Prime Minister Malcolm Turnbull has today banned sexual relationships between ministers and staffers, calling his deputy's affair a "shocking error of judgment".

In a press conference this afternoon, Mr Turnbull said Deputy Prime Minister Barnaby Joyce had caused a "world of woe" to all of the women involved in the scandal.

"I think we know that the real issue is the terrible hurt and humiliation that Barnaby, by his conduct, has visited upon his wife, Natalie, and their daughters and, indeed, his new partner," he said.

Problems have been piling up for Barnaby Joyce since his relationship with former staffer Vikki Campion was exposed.
Problems have been piling up for Barnaby Joyce since his relationship with former staffer Vikki Campion was exposed.

"Barnaby made a shocking error of judgment in having an affair with a young woman working in his office. In doing so, he has set off a world of woe for those women and appalled all of us. Our hearts go out to them.

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"Now, Barnaby knows he made that shocking error of judgment. He knows that he let down his wife and daughters. And he has apologised for that, and to them. And he is taking leave next week and I have encouraged him to take that leap. He needs that leave. He needs that time to reflect. He needs that time to seek forgiveness and understanding from his life and girls, he needs to make a new home for his partner and their baby, who is coming in April."

The Prime Minister fronted reporters this afternoon, the same day Mr Joyce was dumped from the role of Acting Prime Minister next week in a dramatic demonstration Mr Turnbull has doubts about his role as his deputy.
"The Deputy Prime Minister is on leave next week," Prime Minister Malcolm Turnbull told Parliament.

The overturning of usual practice when the head of government is absent is a clear indication of the prospect of substantial embarrassment were Mr Joyce to take the job.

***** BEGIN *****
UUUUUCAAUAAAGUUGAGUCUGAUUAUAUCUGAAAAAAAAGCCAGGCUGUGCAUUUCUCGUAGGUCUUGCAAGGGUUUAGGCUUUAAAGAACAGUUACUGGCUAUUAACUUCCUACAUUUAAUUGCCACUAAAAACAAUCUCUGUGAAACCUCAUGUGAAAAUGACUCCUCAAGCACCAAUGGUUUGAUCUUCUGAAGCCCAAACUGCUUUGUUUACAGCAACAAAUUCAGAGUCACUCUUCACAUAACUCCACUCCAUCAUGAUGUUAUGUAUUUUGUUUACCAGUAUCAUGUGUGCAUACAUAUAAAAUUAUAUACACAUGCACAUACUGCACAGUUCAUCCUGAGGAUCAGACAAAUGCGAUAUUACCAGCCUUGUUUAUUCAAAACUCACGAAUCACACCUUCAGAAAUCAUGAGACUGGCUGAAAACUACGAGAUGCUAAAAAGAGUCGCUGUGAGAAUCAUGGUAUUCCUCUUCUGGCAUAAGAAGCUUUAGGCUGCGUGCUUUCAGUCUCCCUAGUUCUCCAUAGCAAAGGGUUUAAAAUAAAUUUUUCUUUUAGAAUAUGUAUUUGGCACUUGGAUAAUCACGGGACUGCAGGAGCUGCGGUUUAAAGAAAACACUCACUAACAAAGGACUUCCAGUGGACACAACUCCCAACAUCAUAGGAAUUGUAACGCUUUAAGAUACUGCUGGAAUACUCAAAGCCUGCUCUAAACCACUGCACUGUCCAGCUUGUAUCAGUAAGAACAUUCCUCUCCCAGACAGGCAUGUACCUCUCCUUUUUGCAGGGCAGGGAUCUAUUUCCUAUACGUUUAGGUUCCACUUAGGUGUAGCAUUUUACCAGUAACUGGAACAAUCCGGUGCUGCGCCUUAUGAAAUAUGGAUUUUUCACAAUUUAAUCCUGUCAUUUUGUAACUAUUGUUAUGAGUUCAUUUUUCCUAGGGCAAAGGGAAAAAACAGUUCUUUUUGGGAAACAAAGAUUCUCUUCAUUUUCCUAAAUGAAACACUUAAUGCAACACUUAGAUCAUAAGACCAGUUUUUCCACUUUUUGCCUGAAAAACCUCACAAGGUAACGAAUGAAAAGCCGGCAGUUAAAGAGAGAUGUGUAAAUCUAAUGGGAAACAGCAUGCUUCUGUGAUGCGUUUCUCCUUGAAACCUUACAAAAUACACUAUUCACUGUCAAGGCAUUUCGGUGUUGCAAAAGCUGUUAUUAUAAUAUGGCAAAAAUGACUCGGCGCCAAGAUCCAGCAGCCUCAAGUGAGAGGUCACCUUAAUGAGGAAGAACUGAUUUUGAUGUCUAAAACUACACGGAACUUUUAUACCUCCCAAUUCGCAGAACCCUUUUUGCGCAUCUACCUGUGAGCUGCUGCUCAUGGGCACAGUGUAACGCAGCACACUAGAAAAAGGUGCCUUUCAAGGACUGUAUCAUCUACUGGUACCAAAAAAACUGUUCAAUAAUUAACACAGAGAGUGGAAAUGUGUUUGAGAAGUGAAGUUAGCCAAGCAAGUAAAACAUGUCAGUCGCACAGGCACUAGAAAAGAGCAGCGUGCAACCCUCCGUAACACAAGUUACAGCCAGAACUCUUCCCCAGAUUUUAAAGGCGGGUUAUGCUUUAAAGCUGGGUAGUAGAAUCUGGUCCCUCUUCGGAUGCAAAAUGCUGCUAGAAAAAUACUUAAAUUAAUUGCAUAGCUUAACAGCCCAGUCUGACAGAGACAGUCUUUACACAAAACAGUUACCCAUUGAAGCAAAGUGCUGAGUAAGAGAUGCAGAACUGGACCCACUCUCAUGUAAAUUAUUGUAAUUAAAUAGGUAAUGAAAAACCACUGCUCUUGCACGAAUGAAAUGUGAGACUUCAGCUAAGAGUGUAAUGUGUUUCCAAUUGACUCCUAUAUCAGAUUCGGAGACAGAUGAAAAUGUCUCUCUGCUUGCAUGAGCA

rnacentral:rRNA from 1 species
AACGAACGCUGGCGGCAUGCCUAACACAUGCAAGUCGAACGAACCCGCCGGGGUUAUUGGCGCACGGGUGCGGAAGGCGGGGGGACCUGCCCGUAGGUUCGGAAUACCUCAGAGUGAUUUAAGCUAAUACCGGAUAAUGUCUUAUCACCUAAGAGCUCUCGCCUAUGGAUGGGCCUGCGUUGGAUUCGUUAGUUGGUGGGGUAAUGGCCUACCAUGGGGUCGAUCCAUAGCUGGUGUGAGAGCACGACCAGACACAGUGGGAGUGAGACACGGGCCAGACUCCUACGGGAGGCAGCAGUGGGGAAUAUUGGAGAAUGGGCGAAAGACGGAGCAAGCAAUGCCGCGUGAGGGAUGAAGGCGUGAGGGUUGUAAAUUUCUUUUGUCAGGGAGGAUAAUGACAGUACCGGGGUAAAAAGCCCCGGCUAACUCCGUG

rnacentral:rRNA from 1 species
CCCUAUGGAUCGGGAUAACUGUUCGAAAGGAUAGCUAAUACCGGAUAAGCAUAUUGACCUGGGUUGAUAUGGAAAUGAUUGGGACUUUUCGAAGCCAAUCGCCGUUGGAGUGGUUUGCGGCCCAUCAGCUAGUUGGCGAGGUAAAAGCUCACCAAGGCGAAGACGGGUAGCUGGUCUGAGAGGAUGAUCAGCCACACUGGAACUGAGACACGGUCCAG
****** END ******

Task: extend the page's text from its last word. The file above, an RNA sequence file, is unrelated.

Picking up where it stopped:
The Deputy PM will take personal leave next week. Photo / News Corp Australia
The Deputy PM will take personal leave next week. Photo / News Corp Australia

Mr Joyce was due to take over the position next week when Mr Turnbull meets with US President Donald Trump in Washington.

The appointment to Acting PM was due to go to the Nationals Leader during uproar over his marriage breakup and relationship with a pregnant former staff member, but instead he will now take a break.

The fill-in PM will now be Government Senate leader Mathias Cormann, Mr Turnbull announced.

The usual second candidate, Deputy Liberal Leader and Foreign Minister Julie Bishop, will be on overseas visits.

The move, in effect a demotion of Mr Joyce, was announced as the Labor Opposition made it clear it would pursue him over claims he had breached ministerial standards in accepting accommodation in Armidale from a businessman friend.

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Mr Joyce told Parliament he was not aware his administration had made a $5000 payment to Armidale businessman Greg Maguire, who had given the Nationals leader free accommodation when Mr Joyce's marriage collapsed.

"I have to admit I was unaware of that $5000 payment," he said.

The issue of Mr Joyce moving from a central role in a controversy to the job of Acting Prime Minister was discussed over a week, with the Deputy Prime Minister refusing to budge.

It is understood he only relented today.

Mr Joyce said he would check details and return with an answer on notice, but Labor's shadow attorney-general Mark Dreyfuss pressed further.

Malcolm Turnbull made the announcement in Parliament. Photo / News Corp Australia
Malcolm Turnbull made the announcement in Parliament. Photo / News Corp Australia

He asked: "How can the Deputy Prime Minister claim he was unaware of the payment of more than $5000 of taxpayers' money to a business owned by Mr Greg Maguire when the payment was made for an event at the Quality Hotel Powerhouse in Armidale, and the Deputy Prime Minister personally attended many in front of more than 80 witnesses?

"How can the Deputy Prime Minister say he didn't know when more than 80 people saw him there?"

And he said: "Would the Deputy Prime Minister advise the House whether he or his office played any role in selecting his close friend's business to receive more than A$5000 in taxpayers' money, or is the House meant to believe that it was just an extraordinary coincidence that an agency under his administration chose a venue owned by his close friend, out of all the venues in daily?"

Mr Turnbull told Parliament Mr Joyce had given him "unequivocal assurances that he has been scrupulous in ensuring the legitimacy and accuracy for any claim for entitlement to ministerial or parliamentary travel allowance.

"If the members opposite wish to assert that he has breached a clause in the ministerial standards, then they should say so and identify the clause," he said.